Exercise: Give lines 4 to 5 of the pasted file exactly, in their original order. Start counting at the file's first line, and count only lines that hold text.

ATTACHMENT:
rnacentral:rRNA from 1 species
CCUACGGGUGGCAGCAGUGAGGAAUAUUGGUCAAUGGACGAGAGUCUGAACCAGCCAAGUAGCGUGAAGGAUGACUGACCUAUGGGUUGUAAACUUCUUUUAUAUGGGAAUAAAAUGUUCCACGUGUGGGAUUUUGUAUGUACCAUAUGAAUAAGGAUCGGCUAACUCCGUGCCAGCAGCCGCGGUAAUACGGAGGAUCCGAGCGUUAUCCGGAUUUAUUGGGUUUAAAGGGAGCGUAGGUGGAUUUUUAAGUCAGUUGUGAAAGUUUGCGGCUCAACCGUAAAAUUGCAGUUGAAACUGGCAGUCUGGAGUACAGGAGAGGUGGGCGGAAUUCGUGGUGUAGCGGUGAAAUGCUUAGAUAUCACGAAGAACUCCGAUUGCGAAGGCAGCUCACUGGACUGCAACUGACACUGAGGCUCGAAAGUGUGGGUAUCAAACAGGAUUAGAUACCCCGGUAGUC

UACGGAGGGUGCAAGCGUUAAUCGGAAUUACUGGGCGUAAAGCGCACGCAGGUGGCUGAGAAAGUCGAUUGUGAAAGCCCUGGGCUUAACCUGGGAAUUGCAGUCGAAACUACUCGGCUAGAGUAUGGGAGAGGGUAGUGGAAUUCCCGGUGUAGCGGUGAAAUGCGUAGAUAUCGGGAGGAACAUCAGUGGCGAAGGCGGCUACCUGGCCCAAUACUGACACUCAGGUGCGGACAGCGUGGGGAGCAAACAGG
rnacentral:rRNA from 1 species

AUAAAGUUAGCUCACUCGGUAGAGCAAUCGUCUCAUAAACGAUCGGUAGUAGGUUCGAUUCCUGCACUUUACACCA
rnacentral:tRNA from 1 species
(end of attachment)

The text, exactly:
rnacentral:rRNA from 1 species

AUAAAGUUAGCUCACUCGGUAGAGCAAUCGUCUCAUAAACGAUCGGUAGUAGGUUCGAUUCCUGCACUUUACACCA